Case Report of Focal Epithelial Hyperplasia (Heck's Disease) with Polymerase Chain Reaction Detection of Human Papillomavirus 13.

Authors:
Mary A Brehm
Mary A Brehm
University of Texas Southwestern Medical Center
Katie Gordon
Katie Gordon
University of Texas Southwestern Medical Center
Miahil Firan
Miahil Firan
University of Texas Southwestern Medical Center
Peter Rady
Peter Rady
University of Texas Medical Branch
United States
Nnenna Agim
Nnenna Agim
University of Texas Southwestern Medical Center

Pediatr Dermatol 2016 May 13;33(3):e224-5. Epub 2016 Apr 13.

Department of Dermatology, University of Texas Southwestern Medical Center, Dallas, Texas.

Focal epithelial hyperplasia (FEH), or Heck's disease, is an uncommon benign proliferation of oral mucosa caused by the human papillomavirus (HPV), particularly subtypes 13 and 32. The disease typically presents in young Native American patients and is characterized by multiple asymptomatic papules and nodules on the oral mucosa, lips, tongue, and gingiva. The factors that determine susceptibility to FEH are unknown, but the ethnic and geographic distribution of FEH suggests that genetic predisposition, particularly having the human lymphocytic antigen DR4 type, may be involved in pathogenesis. We report a case of FEH with polymerase chain reaction detection of HPV13 in a healthy 11-year-old Hispanic girl and discuss the current understanding of disease pathogenesis, susceptibility, and treatment.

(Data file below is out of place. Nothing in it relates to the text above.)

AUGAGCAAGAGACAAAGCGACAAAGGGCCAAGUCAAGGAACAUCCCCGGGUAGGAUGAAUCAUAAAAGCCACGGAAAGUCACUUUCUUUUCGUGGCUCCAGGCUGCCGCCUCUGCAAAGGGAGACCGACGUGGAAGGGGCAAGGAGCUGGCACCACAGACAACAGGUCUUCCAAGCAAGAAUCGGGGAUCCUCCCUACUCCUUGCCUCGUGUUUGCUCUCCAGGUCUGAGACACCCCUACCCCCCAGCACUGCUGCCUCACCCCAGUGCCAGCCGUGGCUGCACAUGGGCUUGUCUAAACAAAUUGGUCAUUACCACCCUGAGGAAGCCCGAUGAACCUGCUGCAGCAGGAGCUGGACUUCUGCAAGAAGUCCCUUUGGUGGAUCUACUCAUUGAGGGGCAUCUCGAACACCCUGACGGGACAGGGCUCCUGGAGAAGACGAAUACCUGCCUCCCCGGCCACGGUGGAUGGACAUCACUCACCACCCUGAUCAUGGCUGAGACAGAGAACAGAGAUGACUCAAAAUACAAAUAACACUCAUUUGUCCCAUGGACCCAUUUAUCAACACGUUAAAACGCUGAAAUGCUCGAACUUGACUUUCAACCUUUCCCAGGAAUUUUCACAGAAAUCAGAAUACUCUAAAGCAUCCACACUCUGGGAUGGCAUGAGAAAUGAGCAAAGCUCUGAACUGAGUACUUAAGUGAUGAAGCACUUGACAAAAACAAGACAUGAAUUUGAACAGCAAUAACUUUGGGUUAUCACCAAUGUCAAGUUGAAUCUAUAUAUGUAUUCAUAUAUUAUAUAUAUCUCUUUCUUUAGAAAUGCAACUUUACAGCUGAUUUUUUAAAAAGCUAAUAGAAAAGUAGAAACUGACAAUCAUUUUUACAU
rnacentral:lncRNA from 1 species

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http://dx.doi.org/10.1111/pde.12862DOI Listing
May 2016
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